If you could only do 3 things in order to have the most growth, fulfillment, creativity, expression, and abundance, what would they be?

Some artists might say “make good work.” others would quickly shout “be yourself!” And while these are admirable goals, they lack one crucial factor:

they’re not easily measurable.

Vagueness is sometimes an asset, but in most cases, it creates undue frustration for us as artists.

We need to become clearer and clearer on the direction we’re heading, not only in our work, but in our lives as well.

In this article I have a massive gift to give you. If you will follow these sound and time-tested principles, then your chances of thriving as an artist go up substantially.

These 3 elements are the pencils to your paper, the action to your inspiration. If you’ll work earnestly and consistently to apply these principles, You’ll be on your way to the top 20% of your chosen field (illustration, concept art, editorial, advertising, etc…)

Here they are:

Spend at least 8-10 hours a week marketing/selling your work/services, and connecting with clients.

Create and refine a succinct process for handling your client work.

Invest at least 3-5% your yearly income back into your craft and practice.


I could leave it at that and you’d still be better off than most artists out there. All you would need to do is take out a piece of paper, write those down, and earnestly find ways to implement them into your daily habits.

However, I want to provide as much value to you as possible, so I’ll elaborate on each concept; giving you actionable and pragmatic ways to use each one.

Keep in mind that these principles are like a 3-legged stool. If you remove even one leg, then things will  quickly become as wobbly as a drunken bear on a unicycle.

In order to thrive as artists and as people, balance is a crucial element.

Let’s talk about how you can take each one of these and make them your own:

Spend at least 8-10 hours a week marketing/selling your work/services, and connecting with clients:

This is a simple concept.

Take 2 hours each day for 5 days a week, and compile lists of emails, art directors, phone numbers of companies, and forums where you can reach out or advertise your work.

Day one could be making the list, day two and onward would be working your way systematically through those items.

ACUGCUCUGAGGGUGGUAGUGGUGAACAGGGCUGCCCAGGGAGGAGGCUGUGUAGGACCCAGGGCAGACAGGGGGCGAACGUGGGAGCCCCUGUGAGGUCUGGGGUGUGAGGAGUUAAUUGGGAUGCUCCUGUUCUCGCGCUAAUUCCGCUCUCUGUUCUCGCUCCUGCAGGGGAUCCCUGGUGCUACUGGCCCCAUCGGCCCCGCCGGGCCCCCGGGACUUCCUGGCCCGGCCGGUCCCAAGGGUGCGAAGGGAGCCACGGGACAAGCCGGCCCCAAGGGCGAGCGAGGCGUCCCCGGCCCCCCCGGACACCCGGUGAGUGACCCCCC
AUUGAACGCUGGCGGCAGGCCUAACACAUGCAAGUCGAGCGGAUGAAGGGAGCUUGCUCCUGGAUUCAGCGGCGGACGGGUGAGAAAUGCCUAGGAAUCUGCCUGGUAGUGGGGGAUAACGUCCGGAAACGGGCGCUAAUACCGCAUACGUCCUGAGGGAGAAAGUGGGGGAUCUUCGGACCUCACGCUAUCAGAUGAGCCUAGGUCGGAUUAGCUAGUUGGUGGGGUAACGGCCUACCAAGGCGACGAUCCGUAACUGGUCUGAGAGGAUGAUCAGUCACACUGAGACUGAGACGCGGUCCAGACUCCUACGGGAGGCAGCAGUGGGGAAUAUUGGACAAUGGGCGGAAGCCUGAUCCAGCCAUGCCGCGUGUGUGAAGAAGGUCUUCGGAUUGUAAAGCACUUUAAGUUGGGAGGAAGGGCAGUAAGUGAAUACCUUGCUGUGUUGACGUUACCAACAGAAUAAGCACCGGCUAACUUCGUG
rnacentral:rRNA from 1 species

The more organized you are whilst doing this, the better.

Start local, then branch out. If your goal is to get hired in-studio, email asking for an informational interview to get your foot in the door, or call them and see if they do that sort of thing.

Sometimes you’ll get rejected, and rejection can be scary and saddening, but the more you do it, the less it hurts.

The most successful people are the ones that fail at twice the rate of average performers.

Or, to put it another way: “The master has failed more times than the novice has even attempted.“

Being vulnerable is a scary thing because we could get hurt. I get that.

I was scared too. My voice would shake over the phone, my palms would sweat before I sent out an email.

this fear is something I had to overcome in order to get where I am today. I’ve grown substantially because I didn’t let that fear stop me, I danced with it.

“What scares you prepares you.” ~Daniel Ally

If you need more ways to get work, I’ve written numerous posts on the subject.

http://powerpainters.org/this-could-be-the-best-tool-for-finding-freelance-art-gigs/

http://powerpainters.org/simple-effective-marketing-plan-artists/

Now, onto the next principle:

Create and refine a succinct process for handling your client and personal work:

One of the main themes of this article is clarity.

When we’re working, uncertainty and the lack of a checklist makes for a disorganized and chaotic process. It’s painful to create art that doesn’t look good or is deeply fundamentally flawed.

It feels like our hours went down the drain. That heavy-hearted feeling can generate thoughts like “I’ll never be good enough” or “I just don’t have the talent.”

This is rubbish thinking. Let the emotions pass, and realize that there are silver linings to your golden clouds.

An unwarranted artistic failure usually happens because we ignored a fundamental or were tired and/or emotionally drained. The process was too much for us to handle.